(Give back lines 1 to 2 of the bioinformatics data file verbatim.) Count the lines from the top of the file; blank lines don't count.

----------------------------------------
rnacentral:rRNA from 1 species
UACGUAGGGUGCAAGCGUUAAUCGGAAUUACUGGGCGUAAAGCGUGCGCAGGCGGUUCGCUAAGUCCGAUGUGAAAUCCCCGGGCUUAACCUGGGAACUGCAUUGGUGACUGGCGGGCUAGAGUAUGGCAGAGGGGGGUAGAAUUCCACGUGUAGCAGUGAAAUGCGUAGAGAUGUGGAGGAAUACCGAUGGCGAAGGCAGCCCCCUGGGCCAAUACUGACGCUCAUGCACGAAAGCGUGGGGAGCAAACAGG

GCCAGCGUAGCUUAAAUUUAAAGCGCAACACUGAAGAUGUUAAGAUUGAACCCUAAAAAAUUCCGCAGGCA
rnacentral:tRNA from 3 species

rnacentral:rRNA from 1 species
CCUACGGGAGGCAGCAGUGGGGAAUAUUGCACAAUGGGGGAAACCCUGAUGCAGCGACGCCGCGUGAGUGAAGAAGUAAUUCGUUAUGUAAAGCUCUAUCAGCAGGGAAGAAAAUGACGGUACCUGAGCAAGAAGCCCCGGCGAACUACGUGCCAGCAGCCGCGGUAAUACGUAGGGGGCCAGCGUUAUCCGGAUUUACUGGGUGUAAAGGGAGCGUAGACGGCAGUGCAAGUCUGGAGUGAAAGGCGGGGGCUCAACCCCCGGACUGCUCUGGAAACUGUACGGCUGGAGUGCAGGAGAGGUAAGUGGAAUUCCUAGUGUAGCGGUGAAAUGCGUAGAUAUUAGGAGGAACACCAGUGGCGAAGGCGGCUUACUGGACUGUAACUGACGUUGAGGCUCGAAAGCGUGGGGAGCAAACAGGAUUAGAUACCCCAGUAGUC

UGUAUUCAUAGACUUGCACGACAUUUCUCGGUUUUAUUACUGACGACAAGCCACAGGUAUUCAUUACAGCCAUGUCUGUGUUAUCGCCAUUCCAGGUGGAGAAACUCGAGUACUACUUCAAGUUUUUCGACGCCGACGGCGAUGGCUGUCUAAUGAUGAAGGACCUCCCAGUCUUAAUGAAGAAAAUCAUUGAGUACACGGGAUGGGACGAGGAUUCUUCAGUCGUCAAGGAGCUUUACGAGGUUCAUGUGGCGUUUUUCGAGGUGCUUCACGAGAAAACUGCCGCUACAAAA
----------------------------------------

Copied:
rnacentral:rRNA from 1 species
UACGUAGGGUGCAAGCGUUAAUCGGAAUUACUGGGCGUAAAGCGUGCGCAGGCGGUUCGCUAAGUCCGAUGUGAAAUCCCCGGGCUUAACCUGGGAACUGCAUUGGUGACUGGCGGGCUAGAGUAUGGCAGAGGGGGGUAGAAUUCCACGUGUAGCAGUGAAAUGCGUAGAGAUGUGGAGGAAUACCGAUGGCGAAGGCAGCCCCCUGGGCCAAUACUGACGCUCAUGCACGAAAGCGUGGGGAGCAAACAGG